A bidder configuration for a single bidder may look like the following pseudocode example:

const bids = [  {    range: [1, 2, 3, 4, 5, 6, 7, 8],    bond_amount: 300,  },  {    range: [1, 2, 3, 4],    bond_amount: 777,  },  {    range: [2, 3, 4, 5, 6, 7],    bond_amount: 450,  },];

The important concept to understand from this example is that bidders may submit different configurations at different prices (bond_amount). However, only one of these bids would be eligible to win exclusive of the others.

The winner selection algorithm will pick bids that may be non-overlapping in order to maximize the amount of tokens held over the entire lease duration of the parachain slot. This means that the highest bidder for any given slot lease period might not always win (see the example below).

A random number, which is based on the VRF used by Polkadot, is determined at each block. Additionally, each auction will have a threshold that starts at 0 and increases to 1. The random number produced by the VRF is examined next to the threshold to determine if that block is the end of the auction within the so-called ending period. Additionally, the VRF will pick a block from the last epoch to take the state of bids from (to mitigate some types of attacks from malicious validators).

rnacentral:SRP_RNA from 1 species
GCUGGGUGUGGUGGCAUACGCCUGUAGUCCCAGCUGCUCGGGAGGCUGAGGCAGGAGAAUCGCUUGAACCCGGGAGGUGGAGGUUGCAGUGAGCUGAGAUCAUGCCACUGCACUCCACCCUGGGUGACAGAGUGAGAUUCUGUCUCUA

There is one parachain slot available.

Charlie bids 75 for the range 1 - 8.

Dave bids 100 for the range 5 - 8.

Emily bids 40 for the range 1 - 4.

Let's calculate each bidder's valuation according to the algorithm. We do this by multiplying the bond amount by the number of periods in the specified range of the bid.

Charlie - 75 * 8 = 600 for range 1 - 8

Dave - 100 * 4 = 400 for range 5 - 8

Emily - 40 * 4 = 160 for range 1 - 4

Although Dave had the highest bid in accordance to token amount, when we do the calculations we see that since he only bid for a range of 4, he would need to share the slot with Emily who bid much less. Together Dave's and Emily's bids only equals a valuation of 560.

Charlie's valuation for the entire range is 600. Therefore Charlie is awarded the complete range of the parachain slot.


Why doesn't everyone bid for the max length?

For the duration of the slot the tokens bid in the auction will be locked up. This means that there are opportunity costs from the possibility of using those tokens for something else. For parachains that are beneficial to Polkadot, this should align the interests between parachains and the Polkadot Relay Chain.